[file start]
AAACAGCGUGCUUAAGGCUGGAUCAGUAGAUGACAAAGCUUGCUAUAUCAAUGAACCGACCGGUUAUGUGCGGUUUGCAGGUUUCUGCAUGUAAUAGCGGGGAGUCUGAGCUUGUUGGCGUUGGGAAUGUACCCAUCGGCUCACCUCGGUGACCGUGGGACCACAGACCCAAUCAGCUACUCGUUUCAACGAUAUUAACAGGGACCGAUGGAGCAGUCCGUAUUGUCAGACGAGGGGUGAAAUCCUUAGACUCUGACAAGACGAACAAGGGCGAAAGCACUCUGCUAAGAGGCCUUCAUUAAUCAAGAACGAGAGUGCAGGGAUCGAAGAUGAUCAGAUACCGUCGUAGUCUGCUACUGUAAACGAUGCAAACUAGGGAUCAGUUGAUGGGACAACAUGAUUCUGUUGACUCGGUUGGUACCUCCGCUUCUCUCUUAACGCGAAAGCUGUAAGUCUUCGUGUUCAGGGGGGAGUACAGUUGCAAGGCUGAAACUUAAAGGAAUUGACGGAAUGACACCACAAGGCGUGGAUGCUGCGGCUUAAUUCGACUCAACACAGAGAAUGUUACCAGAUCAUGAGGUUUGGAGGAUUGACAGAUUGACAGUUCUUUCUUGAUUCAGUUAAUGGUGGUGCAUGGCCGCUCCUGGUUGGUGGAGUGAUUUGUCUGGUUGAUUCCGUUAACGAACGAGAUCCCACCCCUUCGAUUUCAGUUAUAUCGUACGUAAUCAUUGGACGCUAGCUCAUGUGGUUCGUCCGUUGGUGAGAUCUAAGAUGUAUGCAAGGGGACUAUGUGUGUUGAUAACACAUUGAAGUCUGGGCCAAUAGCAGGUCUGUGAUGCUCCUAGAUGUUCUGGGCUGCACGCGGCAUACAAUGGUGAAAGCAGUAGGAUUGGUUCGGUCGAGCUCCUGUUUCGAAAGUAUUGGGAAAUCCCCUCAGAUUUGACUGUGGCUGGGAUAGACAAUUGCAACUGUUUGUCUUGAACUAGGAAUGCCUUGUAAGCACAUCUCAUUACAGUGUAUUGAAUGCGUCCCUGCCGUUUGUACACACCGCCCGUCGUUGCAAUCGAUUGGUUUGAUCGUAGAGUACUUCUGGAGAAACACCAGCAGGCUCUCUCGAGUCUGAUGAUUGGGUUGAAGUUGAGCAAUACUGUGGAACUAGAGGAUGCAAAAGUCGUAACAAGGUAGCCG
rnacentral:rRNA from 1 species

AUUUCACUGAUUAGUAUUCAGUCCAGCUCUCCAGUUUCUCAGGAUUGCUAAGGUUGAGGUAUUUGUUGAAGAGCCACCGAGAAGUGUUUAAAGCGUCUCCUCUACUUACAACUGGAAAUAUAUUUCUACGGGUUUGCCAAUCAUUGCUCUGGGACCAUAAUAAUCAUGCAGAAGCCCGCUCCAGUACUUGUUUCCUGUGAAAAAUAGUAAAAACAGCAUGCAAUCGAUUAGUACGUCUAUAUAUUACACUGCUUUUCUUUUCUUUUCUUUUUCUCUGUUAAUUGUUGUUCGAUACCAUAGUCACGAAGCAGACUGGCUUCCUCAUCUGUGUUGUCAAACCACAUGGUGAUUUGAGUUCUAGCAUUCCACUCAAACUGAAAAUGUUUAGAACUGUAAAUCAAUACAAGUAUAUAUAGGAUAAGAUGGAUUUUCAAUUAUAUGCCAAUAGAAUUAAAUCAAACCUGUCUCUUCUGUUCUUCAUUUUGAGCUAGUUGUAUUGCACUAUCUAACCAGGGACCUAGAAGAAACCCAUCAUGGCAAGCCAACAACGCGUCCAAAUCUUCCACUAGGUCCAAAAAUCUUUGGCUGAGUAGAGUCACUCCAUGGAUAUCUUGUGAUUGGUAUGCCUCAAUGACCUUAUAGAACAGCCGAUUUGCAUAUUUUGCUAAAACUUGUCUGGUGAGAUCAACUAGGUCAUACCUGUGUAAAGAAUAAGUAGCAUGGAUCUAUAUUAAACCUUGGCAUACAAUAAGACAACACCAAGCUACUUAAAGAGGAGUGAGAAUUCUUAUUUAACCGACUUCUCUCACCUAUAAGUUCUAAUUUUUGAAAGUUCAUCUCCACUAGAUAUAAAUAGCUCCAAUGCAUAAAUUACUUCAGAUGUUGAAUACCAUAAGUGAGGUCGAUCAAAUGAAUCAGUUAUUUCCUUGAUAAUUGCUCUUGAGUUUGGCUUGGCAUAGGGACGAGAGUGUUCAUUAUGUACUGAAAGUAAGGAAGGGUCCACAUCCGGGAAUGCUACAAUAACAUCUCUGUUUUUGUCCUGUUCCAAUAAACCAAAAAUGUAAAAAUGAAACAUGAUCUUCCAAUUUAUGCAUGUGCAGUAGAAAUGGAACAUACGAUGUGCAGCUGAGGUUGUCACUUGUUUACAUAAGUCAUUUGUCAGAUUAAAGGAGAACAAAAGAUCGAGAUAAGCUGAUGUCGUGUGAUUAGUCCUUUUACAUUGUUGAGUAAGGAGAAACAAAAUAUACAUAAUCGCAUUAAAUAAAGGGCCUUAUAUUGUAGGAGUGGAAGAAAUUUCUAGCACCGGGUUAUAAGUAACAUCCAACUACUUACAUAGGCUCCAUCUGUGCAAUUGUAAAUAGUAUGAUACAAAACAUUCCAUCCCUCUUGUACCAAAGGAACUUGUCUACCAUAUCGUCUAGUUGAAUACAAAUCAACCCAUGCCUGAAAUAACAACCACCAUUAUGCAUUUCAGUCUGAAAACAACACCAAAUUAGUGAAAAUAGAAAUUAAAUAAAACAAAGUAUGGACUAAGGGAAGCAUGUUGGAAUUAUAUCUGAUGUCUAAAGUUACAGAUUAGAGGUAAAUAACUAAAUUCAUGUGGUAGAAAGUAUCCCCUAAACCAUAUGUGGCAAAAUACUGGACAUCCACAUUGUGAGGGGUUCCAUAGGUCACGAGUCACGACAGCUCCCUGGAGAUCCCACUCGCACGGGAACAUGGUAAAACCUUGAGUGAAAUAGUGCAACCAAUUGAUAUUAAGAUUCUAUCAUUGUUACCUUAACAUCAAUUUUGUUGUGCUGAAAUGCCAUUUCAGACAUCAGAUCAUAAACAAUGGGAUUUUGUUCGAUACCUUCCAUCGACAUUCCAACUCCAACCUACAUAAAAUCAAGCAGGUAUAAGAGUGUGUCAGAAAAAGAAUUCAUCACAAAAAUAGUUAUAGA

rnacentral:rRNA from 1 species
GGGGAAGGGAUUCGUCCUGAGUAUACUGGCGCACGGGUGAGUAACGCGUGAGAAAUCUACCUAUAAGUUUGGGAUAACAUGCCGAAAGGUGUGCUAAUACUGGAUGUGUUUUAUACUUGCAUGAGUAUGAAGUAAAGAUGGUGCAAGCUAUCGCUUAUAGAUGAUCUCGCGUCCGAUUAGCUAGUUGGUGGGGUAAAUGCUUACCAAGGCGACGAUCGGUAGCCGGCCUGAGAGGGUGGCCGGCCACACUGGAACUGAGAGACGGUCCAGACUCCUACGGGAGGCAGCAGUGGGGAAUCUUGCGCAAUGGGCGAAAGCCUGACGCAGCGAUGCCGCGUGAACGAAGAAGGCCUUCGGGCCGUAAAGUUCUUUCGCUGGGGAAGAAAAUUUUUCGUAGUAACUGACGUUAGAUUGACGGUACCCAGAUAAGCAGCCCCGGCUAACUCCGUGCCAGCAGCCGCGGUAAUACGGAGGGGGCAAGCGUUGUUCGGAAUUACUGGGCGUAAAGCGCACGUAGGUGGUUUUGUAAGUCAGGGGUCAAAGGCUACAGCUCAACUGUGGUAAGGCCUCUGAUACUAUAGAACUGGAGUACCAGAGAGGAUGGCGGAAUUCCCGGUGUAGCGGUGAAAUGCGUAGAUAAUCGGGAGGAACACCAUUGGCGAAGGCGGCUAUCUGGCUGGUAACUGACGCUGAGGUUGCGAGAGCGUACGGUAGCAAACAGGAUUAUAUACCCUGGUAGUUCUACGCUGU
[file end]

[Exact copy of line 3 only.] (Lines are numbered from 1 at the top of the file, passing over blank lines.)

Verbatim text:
AUUUCACUGAUUAGUAUUCAGUCCAGCUCUCCAGUUUCUCAGGAUUGCUAAGGUUGAGGUAUUUGUUGAAGAGCCACCGAGAAGUGUUUAAAGCGUCUCCUCUACUUACAACUGGAAAUAUAUUUCUACGGGUUUGCCAAUCAUUGCUCUGGGACCAUAAUAAUCAUGCAGAAGCCCGCUCCAGUACUUGUUUCCUGUGAAAAAUAGUAAAAACAGCAUGCAAUCGAUUAGUACGUCUAUAUAUUACACUGCUUUUCUUUUCUUUUCUUUUUCUCUGUUAAUUGUUGUUCGAUACCAUAGUCACGAAGCAGACUGGCUUCCUCAUCUGUGUUGUCAAACCACAUGGUGAUUUGAGUUCUAGCAUUCCACUCAAACUGAAAAUGUUUAGAACUGUAAAUCAAUACAAGUAUAUAUAGGAUAAGAUGGAUUUUCAAUUAUAUGCCAAUAGAAUUAAAUCAAACCUGUCUCUUCUGUUCUUCAUUUUGAGCUAGUUGUAUUGCACUAUCUAACCAGGGACCUAGAAGAAACCCAUCAUGGCAAGCCAACAACGCGUCCAAAUCUUCCACUAGGUCCAAAAAUCUUUGGCUGAGUAGAGUCACUCCAUGGAUAUCUUGUGAUUGGUAUGCCUCAAUGACCUUAUAGAACAGCCGAUUUGCAUAUUUUGCUAAAACUUGUCUGGUGAGAUCAACUAGGUCAUACCUGUGUAAAGAAUAAGUAGCAUGGAUCUAUAUUAAACCUUGGCAUACAAUAAGACAACACCAAGCUACUUAAAGAGGAGUGAGAAUUCUUAUUUAACCGACUUCUCUCACCUAUAAGUUCUAAUUUUUGAAAGUUCAUCUCCACUAGAUAUAAAUAGCUCCAAUGCAUAAAUUACUUCAGAUGUUGAAUACCAUAAGUGAGGUCGAUCAAAUGAAUCAGUUAUUUCCUUGAUAAUUGCUCUUGAGUUUGGCUUGGCAUAGGGACGAGAGUGUUCAUUAUGUACUGAAAGUAAGGAAGGGUCCACAUCCGGGAAUGCUACAAUAACAUCUCUGUUUUUGUCCUGUUCCAAUAAACCAAAAAUGUAAAAAUGAAACAUGAUCUUCCAAUUUAUGCAUGUGCAGUAGAAAUGGAACAUACGAUGUGCAGCUGAGGUUGUCACUUGUUUACAUAAGUCAUUUGUCAGAUUAAAGGAGAACAAAAGAUCGAGAUAAGCUGAUGUCGUGUGAUUAGUCCUUUUACAUUGUUGAGUAAGGAGAAACAAAAUAUACAUAAUCGCAUUAAAUAAAGGGCCUUAUAUUGUAGGAGUGGAAGAAAUUUCUAGCACCGGGUUAUAAGUAACAUCCAACUACUUACAUAGGCUCCAUCUGUGCAAUUGUAAAUAGUAUGAUACAAAACAUUCCAUCCCUCUUGUACCAAAGGAACUUGUCUACCAUAUCGUCUAGUUGAAUACAAAUCAACCCAUGCCUGAAAUAACAACCACCAUUAUGCAUUUCAGUCUGAAAACAACACCAAAUUAGUGAAAAUAGAAAUUAAAUAAAACAAAGUAUGGACUAAGGGAAGCAUGUUGGAAUUAUAUCUGAUGUCUAAAGUUACAGAUUAGAGGUAAAUAACUAAAUUCAUGUGGUAGAAAGUAUCCCCUAAACCAUAUGUGGCAAAAUACUGGACAUCCACAUUGUGAGGGGUUCCAUAGGUCACGAGUCACGACAGCUCCCUGGAGAUCCCACUCGCACGGGAACAUGGUAAAACCUUGAGUGAAAUAGUGCAACCAAUUGAUAUUAAGAUUCUAUCAUUGUUACCUUAACAUCAAUUUUGUUGUGCUGAAAUGCCAUUUCAGACAUCAGAUCAUAAACAAUGGGAUUUUGUUCGAUACCUUCCAUCGACAUUCCAACUCCAACCUACAUAAAAUCAAGCAGGUAUAAGAGUGUGUCAGAAAAAGAAUUCAUCACAAAAAUAGUUAUAGA